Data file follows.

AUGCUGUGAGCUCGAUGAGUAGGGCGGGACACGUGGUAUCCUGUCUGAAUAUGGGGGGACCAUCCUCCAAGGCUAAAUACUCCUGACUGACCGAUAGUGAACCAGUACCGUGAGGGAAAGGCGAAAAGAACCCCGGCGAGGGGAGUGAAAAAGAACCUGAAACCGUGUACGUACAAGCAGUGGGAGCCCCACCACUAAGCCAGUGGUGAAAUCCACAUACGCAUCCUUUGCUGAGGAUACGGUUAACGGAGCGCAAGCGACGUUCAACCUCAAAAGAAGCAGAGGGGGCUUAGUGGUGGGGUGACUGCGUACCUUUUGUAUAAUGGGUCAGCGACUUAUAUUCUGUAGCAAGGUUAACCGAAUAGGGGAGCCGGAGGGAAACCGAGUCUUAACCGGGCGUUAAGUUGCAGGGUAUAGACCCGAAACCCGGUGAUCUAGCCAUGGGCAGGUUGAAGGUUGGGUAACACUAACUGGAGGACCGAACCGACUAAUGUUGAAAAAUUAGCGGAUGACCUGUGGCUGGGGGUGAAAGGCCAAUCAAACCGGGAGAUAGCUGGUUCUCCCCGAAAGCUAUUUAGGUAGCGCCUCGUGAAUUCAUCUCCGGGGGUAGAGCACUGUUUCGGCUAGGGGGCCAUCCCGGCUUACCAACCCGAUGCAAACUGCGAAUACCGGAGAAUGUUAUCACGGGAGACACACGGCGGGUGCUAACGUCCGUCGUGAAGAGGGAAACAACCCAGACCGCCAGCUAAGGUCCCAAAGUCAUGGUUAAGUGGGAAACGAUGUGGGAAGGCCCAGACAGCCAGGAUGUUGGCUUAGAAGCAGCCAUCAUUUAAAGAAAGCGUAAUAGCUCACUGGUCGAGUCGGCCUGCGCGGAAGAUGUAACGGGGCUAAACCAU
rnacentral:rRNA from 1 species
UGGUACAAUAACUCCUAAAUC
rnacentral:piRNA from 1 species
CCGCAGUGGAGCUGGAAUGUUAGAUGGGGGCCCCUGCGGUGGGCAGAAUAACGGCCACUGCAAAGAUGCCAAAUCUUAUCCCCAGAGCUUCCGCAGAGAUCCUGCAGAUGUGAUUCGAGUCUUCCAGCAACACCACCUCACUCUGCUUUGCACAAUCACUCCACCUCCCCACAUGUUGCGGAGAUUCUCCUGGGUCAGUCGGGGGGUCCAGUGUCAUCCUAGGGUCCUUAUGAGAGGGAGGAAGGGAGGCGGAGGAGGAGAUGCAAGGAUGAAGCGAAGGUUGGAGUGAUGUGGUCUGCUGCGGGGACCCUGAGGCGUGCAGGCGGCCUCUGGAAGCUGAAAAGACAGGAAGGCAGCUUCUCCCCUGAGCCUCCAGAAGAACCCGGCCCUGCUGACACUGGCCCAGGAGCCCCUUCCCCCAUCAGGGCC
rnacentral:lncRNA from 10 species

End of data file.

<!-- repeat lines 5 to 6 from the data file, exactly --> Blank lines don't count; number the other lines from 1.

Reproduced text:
CCGCAGUGGAGCUGGAAUGUUAGAUGGGGGCCCCUGCGGUGGGCAGAAUAACGGCCACUGCAAAGAUGCCAAAUCUUAUCCCCAGAGCUUCCGCAGAGAUCCUGCAGAUGUGAUUCGAGUCUUCCAGCAACACCACCUCACUCUGCUUUGCACAAUCACUCCACCUCCCCACAUGUUGCGGAGAUUCUCCUGGGUCAGUCGGGGGGUCCAGUGUCAUCCUAGGGUCCUUAUGAGAGGGAGGAAGGGAGGCGGAGGAGGAGAUGCAAGGAUGAAGCGAAGGUUGGAGUGAUGUGGUCUGCUGCGGGGACCCUGAGGCGUGCAGGCGGCCUCUGGAAGCUGAAAAGACAGGAAGGCAGCUUCUCCCCUGAGCCUCCAGAAGAACCCGGCCCUGCUGACACUGGCCCAGGAGCCCCUUCCCCCAUCAGGGCC
rnacentral:lncRNA from 10 species